Don’t forget to include any up-front demographic questions that will prove useful when cross-cutting data by tenure, location, function and role. For example, in a recent client audit, survey data uncovered that sales teams felt the company’s incentive programs needed significant improvement – a vast difference from the rest of the employee population who felt incentive programs met their expectations.

For more information, please contact Edelman Employee Engagement at For more information, please contact Edelman Engagement at Employee


3) Conduct primary qualitative research Through a series of structured, facilitated conversations, deeper insights can be gained into the “why” behind quantitative research. Focus groups and structured one-on-one interviews can help:  Expand on findings from survey;  Uncover why employees find certain types of communications/channels more effective than others; and  Identify differences between managers and employees in the types of communications they find useful, how they wish to receive information and what they do with it once they receive it. To inspire candid focus group discussions, keep groups contained to no more than a dozen individuals and ensure employees are never in a focus group with their direct supervisors. During focus groups for a global animal health company, we learned that while employees said communication leading up to a major organizational change had been good, they felt communication had stopped following the change. This led to uncertainty regarding the company’s recently announced strategy (a finding that was confirmed in quantitative survey data). In reality, the company had nothing to hide, but the executive team felt if there was nothing new to communicate, why add to the clutter? However, during times of change, employees crave information, even if it’s a simple message that things are proceeding as planned and more information would be shared as soon as possible. This finding would not have emerged without qualitative research. PUTTING RESULTS INTO ACTION Once the audit is complete, the real work begins. Turning findings into recommendations and actions requires examining quantitative data to determine where the opportunities and gaps exist, and using qualitative data to help uncover the “why” behind those findings. For example, while all organizations are unique, through our research we’ve consistently found the following themes to hold true with most companies:  Email overload: Multiple emails vie for employees’ attention, so critical messages often get missed or overlooked; consider implementing email protocols to streamline the quantity and improve the relevancy of company-wide emails  Limited time and attention: Employees prefer information in short, digestible bites; for example, consider providing a bulleted summary of key points above corporate emails and packaging communications into a weekly blast  The importance of managers: Employees generally find the most value in receiving information directly from their managers in group or one-on-one settings  Lack of context: Corporate messages often lack sufficient context for employees outside of corporate HQ; consistently stress the “what’s in it for me?” (WIIFM) factor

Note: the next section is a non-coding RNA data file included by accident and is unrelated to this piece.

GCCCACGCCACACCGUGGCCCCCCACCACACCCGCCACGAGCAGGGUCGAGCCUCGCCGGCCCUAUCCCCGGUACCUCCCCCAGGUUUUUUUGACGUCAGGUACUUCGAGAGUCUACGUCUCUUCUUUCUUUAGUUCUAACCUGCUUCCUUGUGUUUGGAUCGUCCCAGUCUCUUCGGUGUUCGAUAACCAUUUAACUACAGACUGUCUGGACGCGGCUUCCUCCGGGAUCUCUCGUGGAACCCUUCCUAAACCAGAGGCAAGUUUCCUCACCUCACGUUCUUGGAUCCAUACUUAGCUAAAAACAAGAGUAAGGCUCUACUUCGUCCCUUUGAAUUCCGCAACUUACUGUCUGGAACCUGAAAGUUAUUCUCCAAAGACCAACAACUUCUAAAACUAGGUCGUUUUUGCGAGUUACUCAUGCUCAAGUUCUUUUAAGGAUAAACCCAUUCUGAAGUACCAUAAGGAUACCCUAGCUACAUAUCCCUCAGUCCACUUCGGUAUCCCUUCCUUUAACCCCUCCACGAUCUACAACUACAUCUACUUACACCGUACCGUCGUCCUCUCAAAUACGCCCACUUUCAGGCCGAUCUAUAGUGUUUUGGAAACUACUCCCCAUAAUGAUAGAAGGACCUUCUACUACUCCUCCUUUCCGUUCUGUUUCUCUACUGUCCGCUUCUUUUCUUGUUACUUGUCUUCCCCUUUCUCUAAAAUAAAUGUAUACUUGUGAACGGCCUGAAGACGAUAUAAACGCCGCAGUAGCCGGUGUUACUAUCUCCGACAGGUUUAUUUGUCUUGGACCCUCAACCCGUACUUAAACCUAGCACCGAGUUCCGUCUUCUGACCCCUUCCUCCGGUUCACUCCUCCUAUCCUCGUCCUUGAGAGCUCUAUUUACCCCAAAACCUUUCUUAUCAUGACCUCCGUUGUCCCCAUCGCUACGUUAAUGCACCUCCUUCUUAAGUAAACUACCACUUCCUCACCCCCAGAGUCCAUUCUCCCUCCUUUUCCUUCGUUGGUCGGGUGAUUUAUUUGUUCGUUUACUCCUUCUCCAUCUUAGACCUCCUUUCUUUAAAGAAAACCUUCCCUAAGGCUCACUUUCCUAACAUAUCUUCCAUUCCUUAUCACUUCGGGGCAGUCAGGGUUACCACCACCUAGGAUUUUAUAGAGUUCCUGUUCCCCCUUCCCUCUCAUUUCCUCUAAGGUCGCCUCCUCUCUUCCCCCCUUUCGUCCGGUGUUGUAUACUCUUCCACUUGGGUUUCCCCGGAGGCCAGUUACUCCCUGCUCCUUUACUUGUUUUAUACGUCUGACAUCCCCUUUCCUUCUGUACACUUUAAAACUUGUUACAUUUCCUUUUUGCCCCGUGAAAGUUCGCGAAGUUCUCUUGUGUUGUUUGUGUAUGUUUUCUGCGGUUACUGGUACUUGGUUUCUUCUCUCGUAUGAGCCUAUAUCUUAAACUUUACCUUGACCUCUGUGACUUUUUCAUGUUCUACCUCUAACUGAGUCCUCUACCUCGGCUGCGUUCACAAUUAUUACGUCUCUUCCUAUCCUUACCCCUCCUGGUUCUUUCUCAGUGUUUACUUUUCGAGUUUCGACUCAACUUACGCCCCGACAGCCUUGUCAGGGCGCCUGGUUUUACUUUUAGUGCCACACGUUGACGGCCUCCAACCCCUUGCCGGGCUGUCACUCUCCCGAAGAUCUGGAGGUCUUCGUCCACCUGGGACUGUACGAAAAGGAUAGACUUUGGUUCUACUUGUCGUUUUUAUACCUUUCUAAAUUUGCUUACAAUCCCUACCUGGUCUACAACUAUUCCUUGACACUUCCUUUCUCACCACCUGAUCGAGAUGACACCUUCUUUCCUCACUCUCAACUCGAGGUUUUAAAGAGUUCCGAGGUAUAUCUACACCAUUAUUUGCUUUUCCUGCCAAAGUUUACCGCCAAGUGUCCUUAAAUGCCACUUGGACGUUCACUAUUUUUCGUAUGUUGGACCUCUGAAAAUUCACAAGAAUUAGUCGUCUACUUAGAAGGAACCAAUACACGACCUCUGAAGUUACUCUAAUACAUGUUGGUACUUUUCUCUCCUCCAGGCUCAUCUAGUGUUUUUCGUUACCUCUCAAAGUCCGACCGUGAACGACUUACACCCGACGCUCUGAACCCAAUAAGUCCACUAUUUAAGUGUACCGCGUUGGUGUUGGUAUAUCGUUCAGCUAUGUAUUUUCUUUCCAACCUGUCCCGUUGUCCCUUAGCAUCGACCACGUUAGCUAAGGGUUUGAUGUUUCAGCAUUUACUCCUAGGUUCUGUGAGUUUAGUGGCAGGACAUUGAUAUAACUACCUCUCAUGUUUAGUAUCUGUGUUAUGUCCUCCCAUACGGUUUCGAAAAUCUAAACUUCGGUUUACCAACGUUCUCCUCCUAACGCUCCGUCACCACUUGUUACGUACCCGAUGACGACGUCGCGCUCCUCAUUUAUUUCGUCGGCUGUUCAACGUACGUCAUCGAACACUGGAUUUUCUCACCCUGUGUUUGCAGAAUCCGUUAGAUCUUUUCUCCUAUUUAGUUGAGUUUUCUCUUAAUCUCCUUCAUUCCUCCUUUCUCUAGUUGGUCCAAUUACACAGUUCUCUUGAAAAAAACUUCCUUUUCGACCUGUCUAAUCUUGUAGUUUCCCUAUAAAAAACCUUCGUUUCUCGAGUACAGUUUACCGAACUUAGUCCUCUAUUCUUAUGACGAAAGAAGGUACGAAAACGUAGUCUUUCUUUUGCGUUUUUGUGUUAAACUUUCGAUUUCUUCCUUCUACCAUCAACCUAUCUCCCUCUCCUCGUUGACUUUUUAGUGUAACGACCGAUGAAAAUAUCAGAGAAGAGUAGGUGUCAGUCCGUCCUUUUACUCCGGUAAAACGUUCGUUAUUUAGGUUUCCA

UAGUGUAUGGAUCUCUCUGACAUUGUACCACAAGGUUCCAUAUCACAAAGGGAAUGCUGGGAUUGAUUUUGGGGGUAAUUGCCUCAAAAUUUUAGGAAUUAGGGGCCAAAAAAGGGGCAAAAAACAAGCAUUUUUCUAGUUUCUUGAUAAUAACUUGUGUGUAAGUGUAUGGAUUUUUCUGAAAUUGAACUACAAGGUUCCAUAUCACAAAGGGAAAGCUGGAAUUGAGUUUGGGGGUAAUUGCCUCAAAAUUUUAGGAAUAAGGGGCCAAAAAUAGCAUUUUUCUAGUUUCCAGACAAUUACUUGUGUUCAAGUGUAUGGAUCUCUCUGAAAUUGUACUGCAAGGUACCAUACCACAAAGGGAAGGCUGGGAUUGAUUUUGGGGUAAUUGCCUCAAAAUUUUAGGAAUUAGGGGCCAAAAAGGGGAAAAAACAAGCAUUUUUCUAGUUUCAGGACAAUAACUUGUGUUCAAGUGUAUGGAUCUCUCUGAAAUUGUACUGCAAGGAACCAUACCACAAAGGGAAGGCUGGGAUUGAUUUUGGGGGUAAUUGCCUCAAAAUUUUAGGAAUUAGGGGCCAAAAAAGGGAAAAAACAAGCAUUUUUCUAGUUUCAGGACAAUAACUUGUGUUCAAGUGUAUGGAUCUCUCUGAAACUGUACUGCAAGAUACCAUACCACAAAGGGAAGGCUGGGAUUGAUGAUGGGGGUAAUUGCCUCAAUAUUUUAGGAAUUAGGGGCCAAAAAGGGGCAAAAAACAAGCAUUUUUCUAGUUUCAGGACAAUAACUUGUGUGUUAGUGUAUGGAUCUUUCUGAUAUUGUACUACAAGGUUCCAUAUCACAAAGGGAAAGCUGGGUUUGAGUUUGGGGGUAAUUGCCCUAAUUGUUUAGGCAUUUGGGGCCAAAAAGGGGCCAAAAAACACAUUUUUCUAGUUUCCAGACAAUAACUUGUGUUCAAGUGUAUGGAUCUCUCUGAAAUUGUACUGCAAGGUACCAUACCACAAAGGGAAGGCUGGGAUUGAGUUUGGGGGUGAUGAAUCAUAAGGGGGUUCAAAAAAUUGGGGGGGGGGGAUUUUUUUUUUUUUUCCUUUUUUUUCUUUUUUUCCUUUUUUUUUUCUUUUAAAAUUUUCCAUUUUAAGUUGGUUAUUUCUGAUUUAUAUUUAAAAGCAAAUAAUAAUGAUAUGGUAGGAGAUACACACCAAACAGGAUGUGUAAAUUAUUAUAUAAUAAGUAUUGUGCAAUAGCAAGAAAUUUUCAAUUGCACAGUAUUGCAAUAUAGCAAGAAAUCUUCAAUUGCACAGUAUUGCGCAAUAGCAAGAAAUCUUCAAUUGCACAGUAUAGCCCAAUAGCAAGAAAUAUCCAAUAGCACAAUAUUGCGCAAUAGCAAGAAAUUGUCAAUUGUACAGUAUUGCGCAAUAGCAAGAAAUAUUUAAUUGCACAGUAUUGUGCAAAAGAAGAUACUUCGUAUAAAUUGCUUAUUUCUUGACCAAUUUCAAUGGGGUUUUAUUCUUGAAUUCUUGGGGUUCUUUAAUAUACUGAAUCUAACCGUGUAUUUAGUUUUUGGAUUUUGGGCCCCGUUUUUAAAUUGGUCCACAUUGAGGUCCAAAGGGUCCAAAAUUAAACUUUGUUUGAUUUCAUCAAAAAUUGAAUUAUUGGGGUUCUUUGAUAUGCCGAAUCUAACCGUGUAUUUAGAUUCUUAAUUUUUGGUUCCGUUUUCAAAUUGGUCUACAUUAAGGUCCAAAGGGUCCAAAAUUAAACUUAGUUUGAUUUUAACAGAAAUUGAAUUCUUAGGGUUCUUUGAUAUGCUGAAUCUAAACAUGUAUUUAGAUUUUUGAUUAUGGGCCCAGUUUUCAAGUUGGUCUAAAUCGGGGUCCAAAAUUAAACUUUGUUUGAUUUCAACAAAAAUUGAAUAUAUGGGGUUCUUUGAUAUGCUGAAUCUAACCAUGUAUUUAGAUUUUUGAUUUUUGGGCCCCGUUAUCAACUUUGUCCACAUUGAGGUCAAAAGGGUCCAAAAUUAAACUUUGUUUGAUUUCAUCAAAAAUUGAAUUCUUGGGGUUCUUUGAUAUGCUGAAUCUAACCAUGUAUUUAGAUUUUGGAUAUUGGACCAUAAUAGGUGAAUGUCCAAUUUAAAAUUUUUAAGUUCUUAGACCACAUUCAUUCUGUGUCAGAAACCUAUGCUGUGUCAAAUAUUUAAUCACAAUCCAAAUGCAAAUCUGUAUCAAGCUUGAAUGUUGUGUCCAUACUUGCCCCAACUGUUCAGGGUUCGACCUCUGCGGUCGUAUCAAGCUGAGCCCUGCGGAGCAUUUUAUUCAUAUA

For more information, please contact Edelman Employee Engagement at For more information, please contact Edelman Engagement at Employee


Leverage existing channels: Rather than introducing a new channel, such as a newsletter, it’s usually more effective to refine and strengthen existing channels, such as the company intranet, that employees already use and are familiar with

ABOUT US Edelman’s Employee Engagement Practice helps organizations accelerate business performance, delivered by highly engaged and trusted employees. We do this by making meaningful, trust-building connections — connecting employees with the company, connecting employees with each other, and connecting employees with the outside world. We have a global network of employee engagement specialists who can develop engagement strategy; deploy the tools and processes to deliver it; create the multimedia channels and content that support it; and design the insight mechanisms to measure it. For more information, visit us at, follow us on Twitter at @EdelmanEE or email us at

For more information, please contact Edelman Employee Engagement at For more information, please contact Edelman Engagement at Employee